We have dealt with two conceptions of the foundations of the calculus apart from that of Deleuze. The first approach is Hegel’s, which posits that the calculus is fundamentally dialectical, and as such can only be understood in terms of infinite thought. Central to this interpretation was the idea that the ultimate ratio, as a vanishing, fell outside of the procedures which a thinker of finite representation, such as Berkeley, was able to countenance. The differential, as a vanishing, could not be understood in the static terms today exemplified by set theory. The second approach was that of set theory itself, which proceeded by rejecting Berkeley’s interpretation of the foundations of the calculus, and thereby seeking additional resources within finite representation itself with which to lend consistency to its operation. This led to the theory of limits. For Deleuze, “it is precisely this alternative between infinite and finite representation which is at issue when we speak of the ‘metaphysics’ of calculus.”45 We saw this question of representation played out in terms of the ontological status of the differential, with Hegel preserving it, and modern interpretations removing it. Deleuze attempts instead to finesse this problem by granting the differential a status outside of both forms of representation. In this sense, the differential is “neither real nor fictive, [instead] differentials express the nature of the problematic as such.”46 The question of the differential therefore bears on the question of the two forms of representation: “Perhaps the other alternative collapses as well, that between finite and infinite representation”, as “what is still missing is the extra-propositional or sub-representative element expressed in the Idea of the differential, precisely in the form of a problem.”47 This sub-representational element cannot be provided by the move to a modern interpretation, as in order to bring the differential into the system of representation, it must conceive of it as the limit of a series, and a limit that has, “lost its phoronomic character and involves only static considerations.”48 It is for this reason that Deleuze rejects the kind of interpretation of the calculus which would simply remove its metaphysical character.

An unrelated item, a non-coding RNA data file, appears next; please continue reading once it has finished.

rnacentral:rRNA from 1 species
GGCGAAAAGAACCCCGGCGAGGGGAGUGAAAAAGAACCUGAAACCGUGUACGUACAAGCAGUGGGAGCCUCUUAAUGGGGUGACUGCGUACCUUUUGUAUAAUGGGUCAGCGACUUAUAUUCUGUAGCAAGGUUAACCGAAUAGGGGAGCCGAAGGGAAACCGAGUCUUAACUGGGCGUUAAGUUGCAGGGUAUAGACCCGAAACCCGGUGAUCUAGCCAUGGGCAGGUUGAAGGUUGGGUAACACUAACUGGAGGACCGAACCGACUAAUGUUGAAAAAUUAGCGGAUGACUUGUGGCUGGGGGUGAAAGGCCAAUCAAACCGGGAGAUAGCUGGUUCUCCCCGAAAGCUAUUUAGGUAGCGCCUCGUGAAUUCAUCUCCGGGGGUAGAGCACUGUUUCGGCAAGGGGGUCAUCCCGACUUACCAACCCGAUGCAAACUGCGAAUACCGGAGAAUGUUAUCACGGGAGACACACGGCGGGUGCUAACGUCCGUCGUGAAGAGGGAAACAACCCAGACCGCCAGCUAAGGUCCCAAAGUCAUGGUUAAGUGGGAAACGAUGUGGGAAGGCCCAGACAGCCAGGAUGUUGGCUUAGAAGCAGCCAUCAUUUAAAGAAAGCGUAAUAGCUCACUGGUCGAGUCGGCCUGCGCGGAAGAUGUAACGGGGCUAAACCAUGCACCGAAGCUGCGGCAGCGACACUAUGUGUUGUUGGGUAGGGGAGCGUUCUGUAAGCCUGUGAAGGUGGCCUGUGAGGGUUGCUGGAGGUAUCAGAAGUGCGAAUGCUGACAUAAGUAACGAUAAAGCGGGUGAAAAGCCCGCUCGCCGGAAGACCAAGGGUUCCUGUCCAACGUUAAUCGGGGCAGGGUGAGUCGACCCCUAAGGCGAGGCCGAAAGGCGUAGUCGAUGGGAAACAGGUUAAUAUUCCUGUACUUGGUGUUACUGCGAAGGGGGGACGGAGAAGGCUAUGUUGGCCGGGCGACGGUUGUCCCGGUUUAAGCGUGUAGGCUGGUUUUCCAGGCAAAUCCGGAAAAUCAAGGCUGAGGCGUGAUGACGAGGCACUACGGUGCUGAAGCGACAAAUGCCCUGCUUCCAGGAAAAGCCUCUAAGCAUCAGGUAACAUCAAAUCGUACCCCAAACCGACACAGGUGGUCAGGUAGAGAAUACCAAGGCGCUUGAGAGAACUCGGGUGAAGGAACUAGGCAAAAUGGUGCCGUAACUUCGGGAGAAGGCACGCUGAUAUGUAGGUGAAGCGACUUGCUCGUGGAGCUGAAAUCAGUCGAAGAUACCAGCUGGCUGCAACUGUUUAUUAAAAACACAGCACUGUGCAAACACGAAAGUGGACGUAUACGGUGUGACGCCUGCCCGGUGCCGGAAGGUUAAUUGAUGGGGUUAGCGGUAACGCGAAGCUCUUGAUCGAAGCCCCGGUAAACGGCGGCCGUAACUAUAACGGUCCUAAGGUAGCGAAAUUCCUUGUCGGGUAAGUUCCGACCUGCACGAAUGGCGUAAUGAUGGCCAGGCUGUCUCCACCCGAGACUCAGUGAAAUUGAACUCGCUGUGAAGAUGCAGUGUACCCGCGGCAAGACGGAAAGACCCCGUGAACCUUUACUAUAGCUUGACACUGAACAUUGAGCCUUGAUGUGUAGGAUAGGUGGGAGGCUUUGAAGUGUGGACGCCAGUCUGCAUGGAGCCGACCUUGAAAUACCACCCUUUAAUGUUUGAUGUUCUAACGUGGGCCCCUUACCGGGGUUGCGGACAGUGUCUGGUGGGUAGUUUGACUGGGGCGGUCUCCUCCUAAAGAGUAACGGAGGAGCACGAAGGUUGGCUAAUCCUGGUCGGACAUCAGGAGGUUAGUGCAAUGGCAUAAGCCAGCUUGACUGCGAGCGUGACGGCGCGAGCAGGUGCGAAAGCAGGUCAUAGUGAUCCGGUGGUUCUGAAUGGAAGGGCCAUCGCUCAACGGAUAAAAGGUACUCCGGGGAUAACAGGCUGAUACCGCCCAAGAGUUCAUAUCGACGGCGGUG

7 Conclusion